The US economy grew at an annual rate of 5% in the third quarter, the highest since mid-2003, thanks to the strength of consumer spending and business investment, said today the Department of Commerce.
Thus, the expansion of the US economy between July and September was the highest recorded in a quarter in eleven years.
The third and final calculation of the Government on the development of gross domestic product (GDP) between July and September exceeded the expectations of analysts, who had forecast growth of around 4%, and previous estimates an increase of 3.5% revised then to 3.9%.
The upward revision of GDP growth in the third quarter was due mainly to consumer spending, which grew by 3.2% compared to 2.2% initially estimated.
The consumer spending equals more than two-thirds of economic activity in the country and today the Commerce Department also reported, moreover, that this indicator rose 0.6% in November, which recorded its strongest growth in three months.
Consumers are spending more due in part to lower gasoline prices at lowest since 2010 thanks to the “boom” energy in the US and the global fall in the cost of oil.
Another of the most decisive in the evolution of GDP components, business investment, also performed well between July and September, an increase of 7.7% versus 5.1% previously estimated.
The figures for GDP growth in the third quarter led the Dow Jones Industrial Average, the main indicator of Wall Street, first overcome the 18,000 points shortly after opening.
The chief economic adviser to the White House, Jason Furman, said in a statement that “strong growth” in GDP between July and September is “consistent” with other indicators is showing an improvement in the labor market and in domestic energy production.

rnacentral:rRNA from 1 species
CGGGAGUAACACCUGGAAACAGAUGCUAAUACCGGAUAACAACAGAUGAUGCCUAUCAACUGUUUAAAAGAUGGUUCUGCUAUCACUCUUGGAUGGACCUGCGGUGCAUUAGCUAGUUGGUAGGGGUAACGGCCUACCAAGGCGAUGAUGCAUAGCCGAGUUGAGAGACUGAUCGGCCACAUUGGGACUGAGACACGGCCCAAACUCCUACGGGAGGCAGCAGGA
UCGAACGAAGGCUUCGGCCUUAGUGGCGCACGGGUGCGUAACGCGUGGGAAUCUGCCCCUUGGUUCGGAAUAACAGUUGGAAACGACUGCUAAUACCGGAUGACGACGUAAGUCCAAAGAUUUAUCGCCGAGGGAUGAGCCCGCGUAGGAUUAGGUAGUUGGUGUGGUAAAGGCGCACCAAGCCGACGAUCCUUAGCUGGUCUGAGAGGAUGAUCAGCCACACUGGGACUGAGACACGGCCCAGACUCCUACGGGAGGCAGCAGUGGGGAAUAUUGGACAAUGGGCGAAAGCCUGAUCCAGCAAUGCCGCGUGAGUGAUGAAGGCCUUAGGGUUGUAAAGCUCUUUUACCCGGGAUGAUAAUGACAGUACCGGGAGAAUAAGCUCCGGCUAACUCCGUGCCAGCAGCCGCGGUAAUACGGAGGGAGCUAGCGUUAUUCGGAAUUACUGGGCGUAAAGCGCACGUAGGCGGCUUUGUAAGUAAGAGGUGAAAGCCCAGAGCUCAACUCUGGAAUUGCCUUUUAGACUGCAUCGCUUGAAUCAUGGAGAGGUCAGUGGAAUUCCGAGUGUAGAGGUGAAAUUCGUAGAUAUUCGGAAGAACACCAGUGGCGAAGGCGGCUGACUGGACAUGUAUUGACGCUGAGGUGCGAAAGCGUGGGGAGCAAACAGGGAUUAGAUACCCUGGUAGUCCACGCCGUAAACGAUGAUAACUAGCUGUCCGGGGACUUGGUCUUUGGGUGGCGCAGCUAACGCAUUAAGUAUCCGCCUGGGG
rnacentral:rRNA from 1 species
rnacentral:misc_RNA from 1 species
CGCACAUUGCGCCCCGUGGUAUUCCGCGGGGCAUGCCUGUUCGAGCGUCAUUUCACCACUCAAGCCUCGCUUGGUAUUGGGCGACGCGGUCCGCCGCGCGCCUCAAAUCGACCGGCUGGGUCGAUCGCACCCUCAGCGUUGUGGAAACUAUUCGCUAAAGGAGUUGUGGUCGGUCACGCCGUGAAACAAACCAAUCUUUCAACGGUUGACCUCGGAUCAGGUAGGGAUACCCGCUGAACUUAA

Furman also recalled that 2014 was the “strongest” year in terms of job growth since the nineties.
In fact, this year the average monthly job creation of the world’s largest economy stood at 241,000, a level not seen since 1999, confirming the recovery in the labor market after the 2008 crisis.
In November, the unemployment rate remained at 5.8%, unchanged compared with October, and the economy generated 321,000 jobs, the best figure in nearly three years.
Also in the second quarter the economy grew at an annual rate of 4.6%, which offset the contraction of 2.1% recorded between January and March because of a winter that was particularly cold and several snowstorms that paralyzed activities much of the country.
Economists expect growth will slow in the last quarter to an annual rate of around 2.5% and by 2015 will remain around 3%.
Meanwhile, the first rise in benchmark interest rates, which are between 0% and 0.25% since December 2008, is expected by mid-2015.
The Federal Reserve (Fed) concluded last week last session of the year without setting a date for the expected rise in interest rates, although its president, Yanet Yellen, said it was “unlikely” that will occur at least until April.
Following its two-day meeting to discuss the country’s monetary policy, the Federal Open Market Committee (FOMC, for its acronym in English) the central bank said in a statement to be “patient” in determining when it is time to raise rates.
Then Yellen emphasized a press conference that will be the evolution of economic growth and inflation will dictate when rate increases should occur.